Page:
YRC Freight and two of its regional trucking affiliates have turned to pay raises for some hard-to-fill jobs three years after their parent company won pay cuts and other concessions from its Teamsters workforce to avoid bankruptcy.
The raises for some dock workers were outlined in an agreement between the companies and the International Brotherhood of Teamsters. The independent Teamsters for a Democratic Union posted the document online.
Mike Kelley, a spokesman for Overland Park-based YRC Worldwide, declined to comment on the agreement. It called the pay increases “market-based adjustments” and said their purpose was to “support employee recruitment and retention efforts.”
The TDU’s post included a list of markets where the raises would be allowed if approved by the union local there. The list includes various terminals in Chicago, Boston, New York, Denver and California but excluded those in the Kansas City area.
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“For the first time ever, freight Teamsters at the same company will make different wages at different terminals,” said the TDU post.
Ken Paff, a recruiter for the group, said the raises may address hiring problems for the company but come at the expense of the union’s principle of equality for its members.
“We’re happy to have anyone get a raise, but it should go to all,” Paff said. “Why didn’t they demand it everywhere?”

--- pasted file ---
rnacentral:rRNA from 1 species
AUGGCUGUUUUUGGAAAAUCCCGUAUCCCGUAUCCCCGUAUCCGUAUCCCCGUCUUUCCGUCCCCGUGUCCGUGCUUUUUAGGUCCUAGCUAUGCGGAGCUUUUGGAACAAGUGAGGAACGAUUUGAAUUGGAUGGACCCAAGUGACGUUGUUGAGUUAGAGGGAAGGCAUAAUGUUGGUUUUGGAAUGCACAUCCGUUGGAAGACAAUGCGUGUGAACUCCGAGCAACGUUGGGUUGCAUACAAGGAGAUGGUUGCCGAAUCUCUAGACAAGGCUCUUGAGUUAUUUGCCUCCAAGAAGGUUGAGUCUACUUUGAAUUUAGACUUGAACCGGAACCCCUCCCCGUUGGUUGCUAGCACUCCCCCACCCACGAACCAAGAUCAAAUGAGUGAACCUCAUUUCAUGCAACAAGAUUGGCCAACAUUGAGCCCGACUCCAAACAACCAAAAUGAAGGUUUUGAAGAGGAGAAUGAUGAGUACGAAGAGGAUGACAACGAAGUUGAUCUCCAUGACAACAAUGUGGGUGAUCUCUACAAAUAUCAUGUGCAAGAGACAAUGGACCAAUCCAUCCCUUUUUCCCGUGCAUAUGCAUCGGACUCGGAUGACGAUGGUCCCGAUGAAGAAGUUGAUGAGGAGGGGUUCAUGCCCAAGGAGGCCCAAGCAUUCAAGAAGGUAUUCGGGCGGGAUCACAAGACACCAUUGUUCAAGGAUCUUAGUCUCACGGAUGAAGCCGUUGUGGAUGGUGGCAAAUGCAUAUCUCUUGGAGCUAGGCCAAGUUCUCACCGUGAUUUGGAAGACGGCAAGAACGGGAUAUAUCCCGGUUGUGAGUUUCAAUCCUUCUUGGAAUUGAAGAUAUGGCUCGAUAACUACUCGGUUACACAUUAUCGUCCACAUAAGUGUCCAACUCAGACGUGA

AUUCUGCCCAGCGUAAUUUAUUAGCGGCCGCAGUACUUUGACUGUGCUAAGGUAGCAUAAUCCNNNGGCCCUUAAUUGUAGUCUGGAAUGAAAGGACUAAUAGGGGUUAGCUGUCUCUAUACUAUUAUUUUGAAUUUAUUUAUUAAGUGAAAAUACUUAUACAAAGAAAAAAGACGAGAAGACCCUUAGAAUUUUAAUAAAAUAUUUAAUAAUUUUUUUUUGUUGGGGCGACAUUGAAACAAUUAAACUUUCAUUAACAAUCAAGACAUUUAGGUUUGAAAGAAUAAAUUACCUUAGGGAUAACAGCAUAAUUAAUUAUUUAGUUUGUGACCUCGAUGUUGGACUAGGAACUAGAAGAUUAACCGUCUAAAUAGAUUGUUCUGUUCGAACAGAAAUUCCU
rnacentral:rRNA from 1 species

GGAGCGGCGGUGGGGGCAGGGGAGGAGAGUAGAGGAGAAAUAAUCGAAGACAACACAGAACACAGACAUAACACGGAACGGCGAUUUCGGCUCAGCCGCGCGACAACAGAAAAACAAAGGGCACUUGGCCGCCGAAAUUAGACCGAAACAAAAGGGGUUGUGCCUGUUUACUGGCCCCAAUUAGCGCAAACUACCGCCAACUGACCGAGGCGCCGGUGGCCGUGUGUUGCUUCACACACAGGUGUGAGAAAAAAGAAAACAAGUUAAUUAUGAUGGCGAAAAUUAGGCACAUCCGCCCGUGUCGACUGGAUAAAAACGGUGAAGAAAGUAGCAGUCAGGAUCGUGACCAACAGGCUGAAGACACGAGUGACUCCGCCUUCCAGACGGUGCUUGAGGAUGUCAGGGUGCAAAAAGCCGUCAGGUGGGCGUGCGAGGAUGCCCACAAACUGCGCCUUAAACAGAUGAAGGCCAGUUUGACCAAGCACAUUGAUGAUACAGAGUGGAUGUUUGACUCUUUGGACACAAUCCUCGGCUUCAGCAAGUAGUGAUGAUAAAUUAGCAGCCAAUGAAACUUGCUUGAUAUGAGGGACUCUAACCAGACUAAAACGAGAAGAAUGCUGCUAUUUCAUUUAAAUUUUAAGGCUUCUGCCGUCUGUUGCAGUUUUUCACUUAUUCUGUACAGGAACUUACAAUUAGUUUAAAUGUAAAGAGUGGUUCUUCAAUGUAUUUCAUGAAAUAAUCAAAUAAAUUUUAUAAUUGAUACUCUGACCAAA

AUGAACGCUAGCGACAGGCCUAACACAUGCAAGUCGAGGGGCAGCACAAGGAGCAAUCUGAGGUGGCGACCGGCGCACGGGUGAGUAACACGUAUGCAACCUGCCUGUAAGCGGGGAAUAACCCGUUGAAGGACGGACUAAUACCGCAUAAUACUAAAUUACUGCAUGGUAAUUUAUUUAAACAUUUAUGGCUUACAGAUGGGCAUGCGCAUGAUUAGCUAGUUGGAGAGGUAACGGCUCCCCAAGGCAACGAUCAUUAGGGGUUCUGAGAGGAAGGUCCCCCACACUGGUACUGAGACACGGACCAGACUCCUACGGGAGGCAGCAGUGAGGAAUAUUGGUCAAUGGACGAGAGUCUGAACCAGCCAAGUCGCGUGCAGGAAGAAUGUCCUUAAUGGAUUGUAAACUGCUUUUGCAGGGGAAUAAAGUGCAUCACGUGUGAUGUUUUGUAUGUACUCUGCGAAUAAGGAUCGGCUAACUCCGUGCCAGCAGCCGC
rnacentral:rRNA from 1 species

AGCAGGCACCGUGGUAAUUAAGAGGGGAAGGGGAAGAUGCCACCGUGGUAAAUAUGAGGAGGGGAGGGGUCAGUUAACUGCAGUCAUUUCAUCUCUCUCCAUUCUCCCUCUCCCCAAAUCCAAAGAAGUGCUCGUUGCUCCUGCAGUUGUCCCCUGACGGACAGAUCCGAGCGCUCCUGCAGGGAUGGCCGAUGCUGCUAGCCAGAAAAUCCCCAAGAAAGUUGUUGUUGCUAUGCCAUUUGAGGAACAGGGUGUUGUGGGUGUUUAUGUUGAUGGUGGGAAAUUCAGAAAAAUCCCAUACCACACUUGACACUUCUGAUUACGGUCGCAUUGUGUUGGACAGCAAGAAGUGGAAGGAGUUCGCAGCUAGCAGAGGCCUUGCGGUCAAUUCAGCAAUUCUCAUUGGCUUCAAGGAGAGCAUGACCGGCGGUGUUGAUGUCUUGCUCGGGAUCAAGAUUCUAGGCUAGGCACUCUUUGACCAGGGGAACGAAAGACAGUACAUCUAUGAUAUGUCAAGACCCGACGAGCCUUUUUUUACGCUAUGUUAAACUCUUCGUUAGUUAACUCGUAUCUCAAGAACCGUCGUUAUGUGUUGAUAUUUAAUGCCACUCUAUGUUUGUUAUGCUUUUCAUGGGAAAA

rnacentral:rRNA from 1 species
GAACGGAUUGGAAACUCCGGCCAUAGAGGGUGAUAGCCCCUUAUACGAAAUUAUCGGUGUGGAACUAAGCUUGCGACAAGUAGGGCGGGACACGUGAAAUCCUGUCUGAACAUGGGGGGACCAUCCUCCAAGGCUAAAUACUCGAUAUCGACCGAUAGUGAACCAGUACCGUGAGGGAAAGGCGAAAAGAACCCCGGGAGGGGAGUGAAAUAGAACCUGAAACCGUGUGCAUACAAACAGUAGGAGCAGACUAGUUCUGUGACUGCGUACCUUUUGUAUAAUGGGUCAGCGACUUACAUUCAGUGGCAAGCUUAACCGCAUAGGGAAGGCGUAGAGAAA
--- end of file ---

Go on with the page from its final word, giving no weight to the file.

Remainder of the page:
The agreement allows some newly hired workers to immediately make 100 percent of the pay scale for that job, though the existing agreement required them to start at a lower wage and progress toward the full rate. It said existing workers in those jobs who are still progressing toward 100 percent of scale would be moved up to the full wage, too.
YRC Freight, which is a national carrier, and regional carriers USF Holland and New Penn are covered by the agreement. It was unclear why YRC’s Reddaway regional carrier was not part of the agreement.
The agreement covers mostly dock workers, though some of them have commercial driver’s licenses.
A driver shortage has led the trucking industry to step up recruiting and training efforts as well as raise pay and offer bonuses. YRC, for example, hired its first recruiter for drivers ever in May 2014.
In January 2014, Teamsters working for YRC Worldwide companies agreed to extend until 2019 the 15 percent pay cut they’d first accepted in 2009. The agreement allowed YRC Worldwide to make lower contributions to workers’ pensions and included other concessions by workers.
Teamsters members originally rejected a similar proposal in their first vote despite a DVD mailed to their homes that showed CEO James Welch saying the pact was needed to “save all our jobs and our company.”
The agreement allowed covered Teamsters to earn a profit-sharing payment from YRC Worldwide in early 2016 because of the company’s financial gains in 2015.